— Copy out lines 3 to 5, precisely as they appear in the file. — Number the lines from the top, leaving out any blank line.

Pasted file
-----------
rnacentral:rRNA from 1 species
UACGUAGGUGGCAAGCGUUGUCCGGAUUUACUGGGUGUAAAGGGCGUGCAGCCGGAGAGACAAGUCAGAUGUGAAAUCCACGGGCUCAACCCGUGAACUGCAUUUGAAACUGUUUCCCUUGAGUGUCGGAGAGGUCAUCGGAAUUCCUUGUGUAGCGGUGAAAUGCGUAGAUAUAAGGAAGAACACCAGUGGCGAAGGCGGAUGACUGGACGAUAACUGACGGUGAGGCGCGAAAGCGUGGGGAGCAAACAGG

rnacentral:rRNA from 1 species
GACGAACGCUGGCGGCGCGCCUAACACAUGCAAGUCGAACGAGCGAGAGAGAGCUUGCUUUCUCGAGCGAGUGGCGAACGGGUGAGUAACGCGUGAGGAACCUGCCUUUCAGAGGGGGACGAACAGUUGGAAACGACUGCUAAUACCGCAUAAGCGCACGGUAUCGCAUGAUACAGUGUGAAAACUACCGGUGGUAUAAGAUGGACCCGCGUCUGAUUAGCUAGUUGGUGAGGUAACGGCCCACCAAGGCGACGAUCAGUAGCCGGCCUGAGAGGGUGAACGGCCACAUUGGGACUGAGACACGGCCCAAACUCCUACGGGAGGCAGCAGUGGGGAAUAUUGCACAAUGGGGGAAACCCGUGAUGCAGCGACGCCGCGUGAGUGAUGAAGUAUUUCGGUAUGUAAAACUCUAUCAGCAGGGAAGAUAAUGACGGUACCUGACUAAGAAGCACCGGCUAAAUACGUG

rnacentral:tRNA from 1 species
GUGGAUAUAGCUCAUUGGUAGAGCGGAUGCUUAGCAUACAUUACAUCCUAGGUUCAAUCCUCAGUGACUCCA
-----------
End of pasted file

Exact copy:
rnacentral:rRNA from 1 species
GACGAACGCUGGCGGCGCGCCUAACACAUGCAAGUCGAACGAGCGAGAGAGAGCUUGCUUUCUCGAGCGAGUGGCGAACGGGUGAGUAACGCGUGAGGAACCUGCCUUUCAGAGGGGGACGAACAGUUGGAAACGACUGCUAAUACCGCAUAAGCGCACGGUAUCGCAUGAUACAGUGUGAAAACUACCGGUGGUAUAAGAUGGACCCGCGUCUGAUUAGCUAGUUGGUGAGGUAACGGCCCACCAAGGCGACGAUCAGUAGCCGGCCUGAGAGGGUGAACGGCCACAUUGGGACUGAGACACGGCCCAAACUCCUACGGGAGGCAGCAGUGGGGAAUAUUGCACAAUGGGGGAAACCCGUGAUGCAGCGACGCCGCGUGAGUGAUGAAGUAUUUCGGUAUGUAAAACUCUAUCAGCAGGGAAGAUAAUGACGGUACCUGACUAAGAAGCACCGGCUAAAUACGUG

rnacentral:tRNA from 1 species